Electromechanical transduction is an important component of microelectromechanical systems (MEMS), a technology with wide-ranging applications, including mobile computing, sensors, energy harvesting, and displays. These disparate applications have varying performance requirements, but generally transduction efficiency, mechanical precision, response time, cost, compatibility with photolithography and other fabrication processes, and operability at micro-scale are all desired metrics for MEMS devices. Piezoelectric transduction provides substantial advantages, including precise displacements, quick response times, and high transduction efficiency. These strengths make piezoelectric transduction particularly well-suited for use in resonators, sensors, and energy harvesters. However, piezoelectric transduction also produces much smaller magnitudes of movements than other electromechanical transduction mechanisms, such as thermal or capacitive. This limits the utility of piezoelectricity in designing MEMS actuators. Currently, MEMS designers compensate for this limitation by using sophisticated structures to amplify the small strains produced through the reverse piezoelectric effect. One of the oldest and simplest such designs is the bimorph cantilever beam. Comprised of two distinct, but mechanically connected, piezoelectric layers, the beam uses piezoelectricity to cause longitudinal strain in both layers. As one layer expands, the other contracts—this opposing motion creates a bending moment, causing the beam to deflect out-of-plane, often at substantially higher displacements than the expansion or contraction of either piezoelectric layer. This thesis presents a design and simulation results for a unimorph beam comprised of only one piezoelectric layer. Through use of a novel electrode pattern that applies a non-uniform electric field, this beam acts as a quasi-bimorph, creating a bending moment without the need for two distinct piezoelectric layers.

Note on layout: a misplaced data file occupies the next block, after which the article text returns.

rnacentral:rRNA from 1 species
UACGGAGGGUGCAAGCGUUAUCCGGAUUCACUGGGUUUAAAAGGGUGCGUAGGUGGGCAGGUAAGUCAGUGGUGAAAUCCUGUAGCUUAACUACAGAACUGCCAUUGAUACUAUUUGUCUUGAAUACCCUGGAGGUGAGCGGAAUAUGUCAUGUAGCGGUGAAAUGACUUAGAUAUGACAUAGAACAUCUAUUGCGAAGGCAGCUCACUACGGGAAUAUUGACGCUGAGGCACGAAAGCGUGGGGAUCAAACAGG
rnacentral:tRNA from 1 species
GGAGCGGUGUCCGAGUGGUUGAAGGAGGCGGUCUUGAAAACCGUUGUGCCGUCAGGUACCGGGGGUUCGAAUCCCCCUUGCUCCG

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Master of Science in Electrical Engineering (M.S.E.E.)
College of Engineering and Computer Science
Electrical and Computer Engineering
Length of Campus-only Access
Masters Thesis (Open Access)
Chan, Kevin, "Design of Unimorph Out-of-Plane Piezoelectric Actuator" (2019). Electronic Theses and Dissertations, 2004-2019. 6825.